Protecting freedom of speech means not just guarding against censorship; it also means responding vigorously to those who would seek to undermine freedom of speech by divorcing it from intellectual honesty and good reasoning.

Saturday, September 12, 2009

For the love of God

Stop quoting William Butler Yeats's "Second Coming."

Social Insurance


(h/t Mark Thoma)

Sunday, September 6, 2009

Read Read Read Read

And then read some more. I'm going to have to change the name of the blog if all my posts keep coming from DeLong, like this one.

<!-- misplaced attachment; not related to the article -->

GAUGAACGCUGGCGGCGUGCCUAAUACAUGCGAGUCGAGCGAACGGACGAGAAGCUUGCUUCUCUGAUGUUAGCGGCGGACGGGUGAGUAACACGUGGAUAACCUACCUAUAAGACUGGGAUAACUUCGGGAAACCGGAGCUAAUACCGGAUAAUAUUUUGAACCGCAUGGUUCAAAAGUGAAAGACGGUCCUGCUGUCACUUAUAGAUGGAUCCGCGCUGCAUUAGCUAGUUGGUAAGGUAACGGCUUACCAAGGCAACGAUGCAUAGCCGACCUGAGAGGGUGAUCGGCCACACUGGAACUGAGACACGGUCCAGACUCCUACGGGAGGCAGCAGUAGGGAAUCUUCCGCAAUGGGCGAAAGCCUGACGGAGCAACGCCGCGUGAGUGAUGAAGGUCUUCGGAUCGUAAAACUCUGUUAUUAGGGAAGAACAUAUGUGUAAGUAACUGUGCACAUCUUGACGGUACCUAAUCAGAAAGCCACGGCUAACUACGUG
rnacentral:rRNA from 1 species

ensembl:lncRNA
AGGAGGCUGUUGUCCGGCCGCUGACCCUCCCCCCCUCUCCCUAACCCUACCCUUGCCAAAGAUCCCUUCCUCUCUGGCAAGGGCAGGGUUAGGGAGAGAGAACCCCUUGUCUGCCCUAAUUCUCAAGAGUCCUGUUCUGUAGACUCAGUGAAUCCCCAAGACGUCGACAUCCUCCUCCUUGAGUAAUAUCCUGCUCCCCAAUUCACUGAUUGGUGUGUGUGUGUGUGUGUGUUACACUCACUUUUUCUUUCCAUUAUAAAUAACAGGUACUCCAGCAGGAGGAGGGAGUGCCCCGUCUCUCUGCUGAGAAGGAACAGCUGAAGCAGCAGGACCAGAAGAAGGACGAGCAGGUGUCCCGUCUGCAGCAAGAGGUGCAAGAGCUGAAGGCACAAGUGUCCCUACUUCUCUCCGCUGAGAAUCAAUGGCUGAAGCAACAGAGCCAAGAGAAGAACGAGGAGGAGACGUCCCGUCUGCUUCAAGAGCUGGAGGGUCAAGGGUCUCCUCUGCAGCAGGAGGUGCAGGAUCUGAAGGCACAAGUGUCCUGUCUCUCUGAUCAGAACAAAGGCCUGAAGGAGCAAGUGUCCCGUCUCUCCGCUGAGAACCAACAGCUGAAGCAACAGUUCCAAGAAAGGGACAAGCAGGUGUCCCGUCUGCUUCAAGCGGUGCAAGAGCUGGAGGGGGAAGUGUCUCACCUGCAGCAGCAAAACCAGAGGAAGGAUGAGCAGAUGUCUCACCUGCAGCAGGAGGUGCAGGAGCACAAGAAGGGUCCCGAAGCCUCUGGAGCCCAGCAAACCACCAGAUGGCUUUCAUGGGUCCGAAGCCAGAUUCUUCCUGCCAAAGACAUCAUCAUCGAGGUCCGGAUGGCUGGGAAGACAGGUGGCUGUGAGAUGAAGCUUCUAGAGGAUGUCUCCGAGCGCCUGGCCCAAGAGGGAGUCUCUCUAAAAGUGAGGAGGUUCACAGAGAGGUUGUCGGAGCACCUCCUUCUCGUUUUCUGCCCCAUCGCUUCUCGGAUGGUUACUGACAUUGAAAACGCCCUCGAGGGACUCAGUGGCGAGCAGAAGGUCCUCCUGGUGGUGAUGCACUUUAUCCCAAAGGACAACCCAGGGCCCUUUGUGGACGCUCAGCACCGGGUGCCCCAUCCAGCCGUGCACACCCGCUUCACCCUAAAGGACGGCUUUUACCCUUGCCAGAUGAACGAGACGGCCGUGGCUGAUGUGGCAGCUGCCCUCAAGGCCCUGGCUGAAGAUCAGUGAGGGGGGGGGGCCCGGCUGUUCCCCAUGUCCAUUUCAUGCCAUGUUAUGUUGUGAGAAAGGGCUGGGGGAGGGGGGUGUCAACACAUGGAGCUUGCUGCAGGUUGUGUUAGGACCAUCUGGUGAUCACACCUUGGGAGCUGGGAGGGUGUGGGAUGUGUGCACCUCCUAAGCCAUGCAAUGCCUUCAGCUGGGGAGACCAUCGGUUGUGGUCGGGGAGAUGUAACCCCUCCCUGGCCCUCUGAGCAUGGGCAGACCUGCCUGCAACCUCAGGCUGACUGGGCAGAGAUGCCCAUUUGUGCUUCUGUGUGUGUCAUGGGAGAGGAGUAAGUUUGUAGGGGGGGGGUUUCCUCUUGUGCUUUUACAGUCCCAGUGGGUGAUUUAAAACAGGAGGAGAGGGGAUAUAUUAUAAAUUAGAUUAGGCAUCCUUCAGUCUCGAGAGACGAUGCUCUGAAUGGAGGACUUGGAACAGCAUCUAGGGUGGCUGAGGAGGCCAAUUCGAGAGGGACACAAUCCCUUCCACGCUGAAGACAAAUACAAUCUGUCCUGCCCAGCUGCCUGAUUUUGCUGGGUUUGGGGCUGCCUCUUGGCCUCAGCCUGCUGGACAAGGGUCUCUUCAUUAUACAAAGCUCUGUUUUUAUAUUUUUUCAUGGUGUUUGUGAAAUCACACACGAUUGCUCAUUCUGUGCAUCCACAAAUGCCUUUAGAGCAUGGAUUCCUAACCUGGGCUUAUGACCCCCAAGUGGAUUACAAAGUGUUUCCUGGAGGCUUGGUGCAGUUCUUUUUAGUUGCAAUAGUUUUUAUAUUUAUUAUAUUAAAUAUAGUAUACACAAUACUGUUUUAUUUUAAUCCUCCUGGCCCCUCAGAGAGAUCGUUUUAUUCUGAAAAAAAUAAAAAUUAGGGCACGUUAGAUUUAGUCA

Striking Clarity


(h/t Brad DeLong)

Read Newspapers to Learn Clarity of Exposition?

This person has obviously not had much experience with the state of our newspapers.

Making Something One's Own